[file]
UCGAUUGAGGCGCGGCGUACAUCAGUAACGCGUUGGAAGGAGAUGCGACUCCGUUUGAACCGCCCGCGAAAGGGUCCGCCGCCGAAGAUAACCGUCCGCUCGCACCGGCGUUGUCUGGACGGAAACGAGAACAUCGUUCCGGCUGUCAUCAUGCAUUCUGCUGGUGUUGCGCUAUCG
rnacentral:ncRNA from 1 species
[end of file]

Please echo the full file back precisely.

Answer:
UCGAUUGAGGCGCGGCGUACAUCAGUAACGCGUUGGAAGGAGAUGCGACUCCGUUUGAACCGCCCGCGAAAGGGUCCGCCGCCGAAGAUAACCGUCCGCUCGCACCGGCGUUGUCUGGACGGAAACGAGAACAUCGUUCCGGCUGUCAUCAUGCAUUCUGCUGGUGUUGCGCUAUCG
rnacentral:ncRNA from 1 species